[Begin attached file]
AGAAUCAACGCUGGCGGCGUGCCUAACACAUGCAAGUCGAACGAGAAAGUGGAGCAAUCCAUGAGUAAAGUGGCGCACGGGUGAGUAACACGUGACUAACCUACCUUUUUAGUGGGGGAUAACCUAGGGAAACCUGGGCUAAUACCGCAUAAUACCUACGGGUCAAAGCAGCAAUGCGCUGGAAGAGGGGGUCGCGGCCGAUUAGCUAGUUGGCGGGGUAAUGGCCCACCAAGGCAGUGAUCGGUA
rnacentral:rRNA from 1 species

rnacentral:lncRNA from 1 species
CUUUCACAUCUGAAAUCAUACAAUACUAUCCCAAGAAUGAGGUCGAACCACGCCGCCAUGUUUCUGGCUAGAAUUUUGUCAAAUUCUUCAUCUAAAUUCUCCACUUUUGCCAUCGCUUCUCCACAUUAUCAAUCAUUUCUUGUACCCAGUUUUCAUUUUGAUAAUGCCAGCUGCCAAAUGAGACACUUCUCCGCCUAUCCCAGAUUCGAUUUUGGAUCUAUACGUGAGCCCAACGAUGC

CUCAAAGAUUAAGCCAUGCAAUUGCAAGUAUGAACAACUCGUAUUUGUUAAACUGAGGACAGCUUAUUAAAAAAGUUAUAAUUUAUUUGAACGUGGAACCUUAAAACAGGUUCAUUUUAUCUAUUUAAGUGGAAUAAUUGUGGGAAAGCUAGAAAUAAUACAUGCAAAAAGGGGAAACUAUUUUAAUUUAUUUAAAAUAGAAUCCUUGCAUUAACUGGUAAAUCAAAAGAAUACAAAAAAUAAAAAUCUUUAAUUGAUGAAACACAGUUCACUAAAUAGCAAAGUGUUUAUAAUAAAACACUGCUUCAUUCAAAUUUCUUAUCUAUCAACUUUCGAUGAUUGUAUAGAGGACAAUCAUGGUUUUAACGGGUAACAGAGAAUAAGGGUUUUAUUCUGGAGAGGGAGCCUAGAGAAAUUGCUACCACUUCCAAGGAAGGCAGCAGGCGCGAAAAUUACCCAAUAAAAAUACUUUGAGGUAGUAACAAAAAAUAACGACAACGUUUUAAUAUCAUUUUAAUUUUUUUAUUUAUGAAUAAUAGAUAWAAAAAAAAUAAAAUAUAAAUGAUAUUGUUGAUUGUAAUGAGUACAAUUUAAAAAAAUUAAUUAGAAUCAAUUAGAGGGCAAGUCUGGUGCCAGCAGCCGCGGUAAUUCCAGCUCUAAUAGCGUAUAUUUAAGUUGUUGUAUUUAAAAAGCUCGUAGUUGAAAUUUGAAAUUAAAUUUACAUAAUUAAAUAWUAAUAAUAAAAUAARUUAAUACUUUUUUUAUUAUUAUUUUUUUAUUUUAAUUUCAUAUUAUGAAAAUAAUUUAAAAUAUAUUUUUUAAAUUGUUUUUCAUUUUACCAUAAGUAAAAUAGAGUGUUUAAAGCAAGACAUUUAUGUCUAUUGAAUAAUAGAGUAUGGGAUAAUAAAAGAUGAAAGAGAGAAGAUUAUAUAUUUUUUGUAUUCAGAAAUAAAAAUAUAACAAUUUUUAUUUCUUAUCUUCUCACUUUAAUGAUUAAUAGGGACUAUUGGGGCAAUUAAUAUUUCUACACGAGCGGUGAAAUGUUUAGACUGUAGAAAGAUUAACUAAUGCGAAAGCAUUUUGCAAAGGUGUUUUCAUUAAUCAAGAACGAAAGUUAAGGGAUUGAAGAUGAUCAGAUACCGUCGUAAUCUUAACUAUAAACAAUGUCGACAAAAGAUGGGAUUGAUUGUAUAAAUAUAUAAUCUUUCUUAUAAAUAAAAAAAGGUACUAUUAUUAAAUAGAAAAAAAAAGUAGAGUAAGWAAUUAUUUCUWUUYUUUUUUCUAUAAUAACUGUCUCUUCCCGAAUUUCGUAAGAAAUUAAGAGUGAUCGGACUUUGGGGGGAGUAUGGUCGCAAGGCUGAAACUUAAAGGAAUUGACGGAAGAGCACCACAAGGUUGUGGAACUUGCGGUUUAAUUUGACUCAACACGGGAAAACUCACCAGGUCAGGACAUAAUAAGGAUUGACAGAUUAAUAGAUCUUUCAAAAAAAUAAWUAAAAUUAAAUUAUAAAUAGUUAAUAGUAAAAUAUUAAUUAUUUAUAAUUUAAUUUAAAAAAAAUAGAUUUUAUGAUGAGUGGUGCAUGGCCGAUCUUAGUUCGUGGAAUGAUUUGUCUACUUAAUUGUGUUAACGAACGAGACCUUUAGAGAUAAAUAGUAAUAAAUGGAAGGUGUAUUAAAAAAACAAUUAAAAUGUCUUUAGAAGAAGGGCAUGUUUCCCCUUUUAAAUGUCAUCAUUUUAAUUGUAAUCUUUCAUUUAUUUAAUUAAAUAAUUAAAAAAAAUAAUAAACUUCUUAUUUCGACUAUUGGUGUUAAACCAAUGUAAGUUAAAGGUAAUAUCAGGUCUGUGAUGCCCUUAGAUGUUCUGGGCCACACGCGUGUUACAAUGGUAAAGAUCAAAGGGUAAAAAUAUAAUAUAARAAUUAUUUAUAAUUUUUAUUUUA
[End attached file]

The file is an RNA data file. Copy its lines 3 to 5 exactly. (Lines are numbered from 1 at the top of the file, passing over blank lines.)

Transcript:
rnacentral:lncRNA from 1 species
CUUUCACAUCUGAAAUCAUACAAUACUAUCCCAAGAAUGAGGUCGAACCACGCCGCCAUGUUUCUGGCUAGAAUUUUGUCAAAUUCUUCAUCUAAAUUCUCCACUUUUGCCAUCGCUUCUCCACAUUAUCAAUCAUUUCUUGUACCCAGUUUUCAUUUUGAUAAUGCCAGCUGCCAAAUGAGACACUUCUCCGCCUAUCCCAGAUUCGAUUUUGGAUCUAUACGUGAGCCCAACGAUGC

CUCAAAGAUUAAGCCAUGCAAUUGCAAGUAUGAACAACUCGUAUUUGUUAAACUGAGGACAGCUUAUUAAAAAAGUUAUAAUUUAUUUGAACGUGGAACCUUAAAACAGGUUCAUUUUAUCUAUUUAAGUGGAAUAAUUGUGGGAAAGCUAGAAAUAAUACAUGCAAAAAGGGGAAACUAUUUUAAUUUAUUUAAAAUAGAAUCCUUGCAUUAACUGGUAAAUCAAAAGAAUACAAAAAAUAAAAAUCUUUAAUUGAUGAAACACAGUUCACUAAAUAGCAAAGUGUUUAUAAUAAAACACUGCUUCAUUCAAAUUUCUUAUCUAUCAACUUUCGAUGAUUGUAUAGAGGACAAUCAUGGUUUUAACGGGUAACAGAGAAUAAGGGUUUUAUUCUGGAGAGGGAGCCUAGAGAAAUUGCUACCACUUCCAAGGAAGGCAGCAGGCGCGAAAAUUACCCAAUAAAAAUACUUUGAGGUAGUAACAAAAAAUAACGACAACGUUUUAAUAUCAUUUUAAUUUUUUUAUUUAUGAAUAAUAGAUAWAAAAAAAAUAAAAUAUAAAUGAUAUUGUUGAUUGUAAUGAGUACAAUUUAAAAAAAUUAAUUAGAAUCAAUUAGAGGGCAAGUCUGGUGCCAGCAGCCGCGGUAAUUCCAGCUCUAAUAGCGUAUAUUUAAGUUGUUGUAUUUAAAAAGCUCGUAGUUGAAAUUUGAAAUUAAAUUUACAUAAUUAAAUAWUAAUAAUAAAAUAARUUAAUACUUUUUUUAUUAUUAUUUUUUUAUUUUAAUUUCAUAUUAUGAAAAUAAUUUAAAAUAUAUUUUUUAAAUUGUUUUUCAUUUUACCAUAAGUAAAAUAGAGUGUUUAAAGCAAGACAUUUAUGUCUAUUGAAUAAUAGAGUAUGGGAUAAUAAAAGAUGAAAGAGAGAAGAUUAUAUAUUUUUUGUAUUCAGAAAUAAAAAUAUAACAAUUUUUAUUUCUUAUCUUCUCACUUUAAUGAUUAAUAGGGACUAUUGGGGCAAUUAAUAUUUCUACACGAGCGGUGAAAUGUUUAGACUGUAGAAAGAUUAACUAAUGCGAAAGCAUUUUGCAAAGGUGUUUUCAUUAAUCAAGAACGAAAGUUAAGGGAUUGAAGAUGAUCAGAUACCGUCGUAAUCUUAACUAUAAACAAUGUCGACAAAAGAUGGGAUUGAUUGUAUAAAUAUAUAAUCUUUCUUAUAAAUAAAAAAAGGUACUAUUAUUAAAUAGAAAAAAAAAGUAGAGUAAGWAAUUAUUUCUWUUYUUUUUUCUAUAAUAACUGUCUCUUCCCGAAUUUCGUAAGAAAUUAAGAGUGAUCGGACUUUGGGGGGAGUAUGGUCGCAAGGCUGAAACUUAAAGGAAUUGACGGAAGAGCACCACAAGGUUGUGGAACUUGCGGUUUAAUUUGACUCAACACGGGAAAACUCACCAGGUCAGGACAUAAUAAGGAUUGACAGAUUAAUAGAUCUUUCAAAAAAAUAAWUAAAAUUAAAUUAUAAAUAGUUAAUAGUAAAAUAUUAAUUAUUUAUAAUUUAAUUUAAAAAAAAUAGAUUUUAUGAUGAGUGGUGCAUGGCCGAUCUUAGUUCGUGGAAUGAUUUGUCUACUUAAUUGUGUUAACGAACGAGACCUUUAGAGAUAAAUAGUAAUAAAUGGAAGGUGUAUUAAAAAAACAAUUAAAAUGUCUUUAGAAGAAGGGCAUGUUUCCCCUUUUAAAUGUCAUCAUUUUAAUUGUAAUCUUUCAUUUAUUUAAUUAAAUAAUUAAAAAAAAUAAUAAACUUCUUAUUUCGACUAUUGGUGUUAAACCAAUGUAAGUUAAAGGUAAUAUCAGGUCUGUGAUGCCCUUAGAUGUUCUGGGCCACACGCGUGUUACAAUGGUAAAGAUCAAAGGGUAAAAAUAUAAUAUAARAAUUAUUUAUAAUUUUUAUUUUA